Display Settings:

Format

Send to:

Choose Destination
See comment in PubMed Commons below
Genes Brain Behav. 2009 Jun;8(4):416-25. doi: 10.1111/j.1601-183X.2009.00487.x. Epub 2009 Feb 11.

Neuroligin-3-deficient mice: model of a monogenic heritable form of autism with an olfactory deficit.

Author information

  • 1Division of Clinical Neuroscience, Max Planck Institute for Experimental Medicine, Göttingen, Germany.

Abstract

Autism spectrum disorder (ASD) is a frequent neurodevelopmental disorder characterized by variable clinical severity. Core symptoms are qualitatively impaired communication and social behavior, highly restricted interests and repetitive behaviors. Although recent work on genetic mutations in ASD has shed light on the pathophysiology of the disease, classifying it essentially as a synaptopathy, no treatments are available to date. To develop and test novel ASD treatment approaches, validated and informative animal models are required. Of particular interest, in this context are loss-of-function mutations in the postsynaptic cell adhesion protein neuroligin-4 and point mutations in its homologue neuroligin-3 (NL-3) that were found to cause certain forms of monogenic heritable ASD in humans. Here, we show that NL-3-deficient mice display a behavioral phenotype reminiscent of the lead symptoms of ASD: reduced ultrasound vocalization and a lack of social novelty preference. The latter may be related to an olfactory deficiency observed in the NL-3 mutants. Interestingly, such olfactory phenotype is also present in a subgroup of human ASD patients. Tests for learning and memory showed no gross abnormalities in NL-3 mutants. Also, no alterations were found in time spent in social interaction, prepulse inhibition, seizure propensity and sucrose preference. As often seen in adult ASD patients, total brain volume of NL-3 mutant mice was slightly reduced as assessed by magnetic resonance imaging (MRI). Our findings show that the NL-3 knockout mouse represents a useful animal model for understanding pathophysiological events in monogenic heritable ASD and for developing novel treatment strategies in this devastating human disorder.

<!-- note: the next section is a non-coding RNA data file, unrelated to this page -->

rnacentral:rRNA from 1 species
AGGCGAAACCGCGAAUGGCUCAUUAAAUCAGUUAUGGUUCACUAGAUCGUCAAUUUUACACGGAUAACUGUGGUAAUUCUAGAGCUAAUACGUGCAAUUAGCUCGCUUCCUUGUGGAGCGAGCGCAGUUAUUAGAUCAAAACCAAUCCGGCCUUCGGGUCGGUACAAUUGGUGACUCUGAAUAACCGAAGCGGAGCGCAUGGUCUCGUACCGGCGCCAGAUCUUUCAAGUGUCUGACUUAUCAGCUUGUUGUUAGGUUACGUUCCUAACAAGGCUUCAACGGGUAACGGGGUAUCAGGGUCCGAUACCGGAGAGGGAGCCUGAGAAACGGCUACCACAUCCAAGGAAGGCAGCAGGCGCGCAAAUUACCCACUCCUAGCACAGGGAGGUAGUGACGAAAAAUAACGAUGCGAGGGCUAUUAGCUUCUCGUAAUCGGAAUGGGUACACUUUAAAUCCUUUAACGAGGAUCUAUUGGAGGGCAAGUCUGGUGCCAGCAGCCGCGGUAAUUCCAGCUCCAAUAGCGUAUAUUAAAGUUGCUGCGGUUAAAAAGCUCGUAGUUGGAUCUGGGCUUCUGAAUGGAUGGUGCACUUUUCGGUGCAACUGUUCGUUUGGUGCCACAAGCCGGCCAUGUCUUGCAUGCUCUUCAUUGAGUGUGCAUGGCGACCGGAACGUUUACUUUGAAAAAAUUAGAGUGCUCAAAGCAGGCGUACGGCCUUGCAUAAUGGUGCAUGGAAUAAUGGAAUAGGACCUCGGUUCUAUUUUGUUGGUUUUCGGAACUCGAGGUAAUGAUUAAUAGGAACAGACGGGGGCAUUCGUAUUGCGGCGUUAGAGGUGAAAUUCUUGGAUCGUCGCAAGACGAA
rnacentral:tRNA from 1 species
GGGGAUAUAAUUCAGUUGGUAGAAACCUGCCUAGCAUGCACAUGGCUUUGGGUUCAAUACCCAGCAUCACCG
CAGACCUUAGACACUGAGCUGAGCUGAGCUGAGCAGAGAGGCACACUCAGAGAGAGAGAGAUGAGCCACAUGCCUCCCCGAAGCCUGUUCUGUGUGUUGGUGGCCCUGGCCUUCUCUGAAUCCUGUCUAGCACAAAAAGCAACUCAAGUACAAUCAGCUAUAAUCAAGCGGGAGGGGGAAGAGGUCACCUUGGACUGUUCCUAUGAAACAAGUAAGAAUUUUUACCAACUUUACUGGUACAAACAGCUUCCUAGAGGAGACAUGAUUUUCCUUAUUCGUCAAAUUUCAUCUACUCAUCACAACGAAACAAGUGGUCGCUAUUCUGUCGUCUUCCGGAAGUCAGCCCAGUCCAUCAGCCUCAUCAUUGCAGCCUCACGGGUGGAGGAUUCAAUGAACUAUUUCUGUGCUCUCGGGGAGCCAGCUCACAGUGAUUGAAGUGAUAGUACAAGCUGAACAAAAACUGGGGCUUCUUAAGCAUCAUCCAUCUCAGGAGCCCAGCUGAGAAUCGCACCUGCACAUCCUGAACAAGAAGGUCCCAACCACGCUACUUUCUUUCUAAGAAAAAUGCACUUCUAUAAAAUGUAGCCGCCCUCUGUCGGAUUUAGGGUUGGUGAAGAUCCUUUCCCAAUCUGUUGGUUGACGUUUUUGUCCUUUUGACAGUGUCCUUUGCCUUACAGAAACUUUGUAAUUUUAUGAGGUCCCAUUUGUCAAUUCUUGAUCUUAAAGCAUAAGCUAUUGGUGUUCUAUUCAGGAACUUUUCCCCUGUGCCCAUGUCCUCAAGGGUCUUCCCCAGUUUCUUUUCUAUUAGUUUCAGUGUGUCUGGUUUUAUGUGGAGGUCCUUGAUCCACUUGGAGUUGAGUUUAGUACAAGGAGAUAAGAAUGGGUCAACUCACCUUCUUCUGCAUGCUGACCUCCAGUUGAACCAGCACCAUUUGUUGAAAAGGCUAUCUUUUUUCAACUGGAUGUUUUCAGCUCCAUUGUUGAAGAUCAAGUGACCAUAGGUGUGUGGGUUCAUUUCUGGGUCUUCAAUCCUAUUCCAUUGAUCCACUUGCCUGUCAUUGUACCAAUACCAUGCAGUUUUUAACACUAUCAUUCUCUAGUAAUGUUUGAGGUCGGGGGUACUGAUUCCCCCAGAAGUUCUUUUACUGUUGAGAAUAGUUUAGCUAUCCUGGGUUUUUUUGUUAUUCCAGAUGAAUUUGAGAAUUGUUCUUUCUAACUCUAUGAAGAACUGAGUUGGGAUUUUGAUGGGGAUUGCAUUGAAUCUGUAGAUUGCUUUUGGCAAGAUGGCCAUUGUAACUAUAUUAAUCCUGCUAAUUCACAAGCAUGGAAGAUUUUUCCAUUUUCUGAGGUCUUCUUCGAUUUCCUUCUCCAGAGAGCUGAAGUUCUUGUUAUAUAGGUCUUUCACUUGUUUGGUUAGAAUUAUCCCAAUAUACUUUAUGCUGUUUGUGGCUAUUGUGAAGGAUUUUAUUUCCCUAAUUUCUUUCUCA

PMID:
19243448
[PubMed - indexed for MEDLINE]
PubMed Commons home

PubMed Commons

0 comments
How to join PubMed Commons

    Supplemental Content

    Icon for Blackwell Publishing
    Loading ...
    Write to the Help Desk